Presbyterian Church of Korea
|Presbyterian Church of Korea|
|Logo of the Presbyterian Church of Korea.|
|Moderator||Rev. Seong Gi Cho|
|Associations||World Council of Churches,
World Alliance of Reformed Churches,
Council for World Mission,
Christian Conference of Asia,
National Council of Churches in Korea
|Geographical areas||Republic of Korea|
|Origin||1884 when a church was founded in
|Separations||In the 1950s, the PCK was cut off from any remaining believers in North Korea, and three schisms occurred. In the first of these, in 1952, the Gosin group split off. In the second in 1953, the "Presbyterian Church of the Republic of Korea" separated from the PCK. In the third, and thus far final, schism, the Hapdong faction separated in 1959.|
|Presbyterian Church of Korea|
|Revised Romanization||Daehan Yesugyo Jangrohoe Chonghoe|
|McCune–Reischauer||Taehan Yesugyo Changnohoe Ch'onghoe|
The Presbyterian Church of Korea or PCK is a mainline Protestant denomination based in South Korea and currently has the second largest membership of any Presbyterian denomination in the world. It is affiliated with its daughter denomination, the Korean Presbyterian Church in America (KPCA) in the United States, which has adopted the "Korean Presbyterian Church Abroad" as its new name in 2009. The church, while primarily made up of Korean-speakers, welcomes people of all nationalities.
The first Korean Presbyterian minister was Suh Sang-Ryun, who founded a church in Hwanghae province in 1884. Shortly thereafter, several foreign Presbyterian missionaries arrived on the peninsula, including Horace Allen, Horace G. Underwood, and Henry Davies.
By 1937, the Presbyterian churches were largely independent of financial from the United States.
In the 1950s, the PCK was cut off from any remaining believers in North Korea, and three schisms occurred. In the first of these, in 1952, the Gosin group split off. In the second in 1953, the "Presbyterian Church of the Republic of Korea" separated from the PCK. In the third, and thus far final, schism, the Hapdong faction separated in 1959.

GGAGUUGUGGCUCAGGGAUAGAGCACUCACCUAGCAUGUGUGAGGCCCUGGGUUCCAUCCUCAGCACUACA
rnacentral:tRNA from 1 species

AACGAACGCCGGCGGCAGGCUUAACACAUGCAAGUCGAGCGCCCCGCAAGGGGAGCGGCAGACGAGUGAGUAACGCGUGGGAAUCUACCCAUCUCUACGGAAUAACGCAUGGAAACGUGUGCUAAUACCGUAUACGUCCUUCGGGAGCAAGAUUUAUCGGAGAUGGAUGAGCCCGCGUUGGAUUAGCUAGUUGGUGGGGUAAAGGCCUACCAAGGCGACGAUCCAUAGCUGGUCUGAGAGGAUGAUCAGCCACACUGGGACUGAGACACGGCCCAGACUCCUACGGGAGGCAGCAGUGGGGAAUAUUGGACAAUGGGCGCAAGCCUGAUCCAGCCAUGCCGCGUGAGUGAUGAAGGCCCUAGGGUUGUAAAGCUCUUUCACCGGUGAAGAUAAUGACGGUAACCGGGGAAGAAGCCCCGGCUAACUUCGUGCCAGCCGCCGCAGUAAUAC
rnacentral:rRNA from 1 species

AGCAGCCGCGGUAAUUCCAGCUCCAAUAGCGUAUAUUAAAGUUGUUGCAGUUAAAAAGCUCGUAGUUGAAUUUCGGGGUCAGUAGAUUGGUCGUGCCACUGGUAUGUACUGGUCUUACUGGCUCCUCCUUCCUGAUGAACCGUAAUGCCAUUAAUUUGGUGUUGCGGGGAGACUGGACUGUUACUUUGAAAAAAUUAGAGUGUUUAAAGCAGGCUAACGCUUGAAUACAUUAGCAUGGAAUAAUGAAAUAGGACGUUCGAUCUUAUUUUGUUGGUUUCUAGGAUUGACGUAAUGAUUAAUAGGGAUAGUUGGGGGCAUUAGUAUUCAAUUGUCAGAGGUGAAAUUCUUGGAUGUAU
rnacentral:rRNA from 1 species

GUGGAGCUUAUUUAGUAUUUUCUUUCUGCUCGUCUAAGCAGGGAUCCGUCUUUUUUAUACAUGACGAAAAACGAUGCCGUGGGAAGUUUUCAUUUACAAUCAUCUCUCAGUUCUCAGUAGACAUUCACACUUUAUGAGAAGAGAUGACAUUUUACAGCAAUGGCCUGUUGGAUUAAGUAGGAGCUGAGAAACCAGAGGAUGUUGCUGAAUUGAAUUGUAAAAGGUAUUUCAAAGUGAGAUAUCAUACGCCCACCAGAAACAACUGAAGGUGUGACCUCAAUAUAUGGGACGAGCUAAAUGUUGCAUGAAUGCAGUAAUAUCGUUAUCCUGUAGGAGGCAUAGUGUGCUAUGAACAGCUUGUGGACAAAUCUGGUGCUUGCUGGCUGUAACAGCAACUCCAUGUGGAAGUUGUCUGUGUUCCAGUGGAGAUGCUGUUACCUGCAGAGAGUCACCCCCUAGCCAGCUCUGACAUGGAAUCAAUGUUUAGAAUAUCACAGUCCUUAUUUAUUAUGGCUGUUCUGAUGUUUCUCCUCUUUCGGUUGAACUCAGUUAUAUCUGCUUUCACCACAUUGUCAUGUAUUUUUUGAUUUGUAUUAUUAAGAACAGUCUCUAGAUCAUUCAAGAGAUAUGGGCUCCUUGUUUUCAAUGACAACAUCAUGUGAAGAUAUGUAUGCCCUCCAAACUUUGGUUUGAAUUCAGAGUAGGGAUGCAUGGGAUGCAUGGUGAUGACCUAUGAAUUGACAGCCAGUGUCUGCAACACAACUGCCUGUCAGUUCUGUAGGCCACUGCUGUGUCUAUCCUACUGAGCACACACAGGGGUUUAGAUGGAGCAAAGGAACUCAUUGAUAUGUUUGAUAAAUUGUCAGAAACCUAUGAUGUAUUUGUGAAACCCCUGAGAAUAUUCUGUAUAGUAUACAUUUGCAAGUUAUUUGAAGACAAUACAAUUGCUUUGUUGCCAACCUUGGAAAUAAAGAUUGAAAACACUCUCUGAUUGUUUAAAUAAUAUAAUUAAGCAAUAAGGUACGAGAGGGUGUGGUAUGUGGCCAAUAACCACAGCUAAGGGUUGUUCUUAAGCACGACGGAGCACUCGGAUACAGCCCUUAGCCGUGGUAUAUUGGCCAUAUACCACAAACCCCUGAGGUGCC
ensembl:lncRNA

See also 
- "World Council of Churches - Presbyterian Church of Korea". Retrieved 2009-12-18.
- "The Presbyterian Church of Korea". Retrieved 2008-04-16.
- Kenneth Scott Latourette, Christianity in a Revolutionary Age: Vol. 5: The Twentieth century outside Europe (1962) pp 414-5
Further reading 
- Clark, Donald N. Christianity in Modern Korea (University Press of America, 1986)
- Grayson, James H. Korea—A Religious History (Routledge Curzon, 2002)
- Kang, Wi Jo. Christ and Caesar in Modern Korea: A History of Christianity and Politics ( State University of New York Press, 1997)
- Latourette, Kenneth Scott. Christianity in a Revolutionary Age: Vol. 5: The Twentieth century outside Europe (1962) pp 412–23
- Lee, Timothy S. "A Political Factor in the Rise of Protestantism in Korea: Protestantism and the 1919 March First Movement," Church History 2000. 69#1 pp 116–42. in JSTOR
- Mullins, Mark, and Richard Fox Young, eds. Perspectives on Christianity in Korea and Japan: The Gospel and Culture in East Asia (Edwin Mellen, 1995)
- Park, Chung-shin. Protestantism and Politics in Korea (U. of Washington Press, 2003)
- Harry Andrew Rhodes (1934). History of the Korea mission: Presbyterian church U. S. A., 1884-1934. Chosen mission Presbyterian church U. S. A.
- Koon Sik Shim (2008). Rev. Sang-Dong Han, The Founder of the Presbyterian Church in Korea (Koshin): A Biography. The Hermit Kingdom Press. ISBN 978-1-59689-073-2.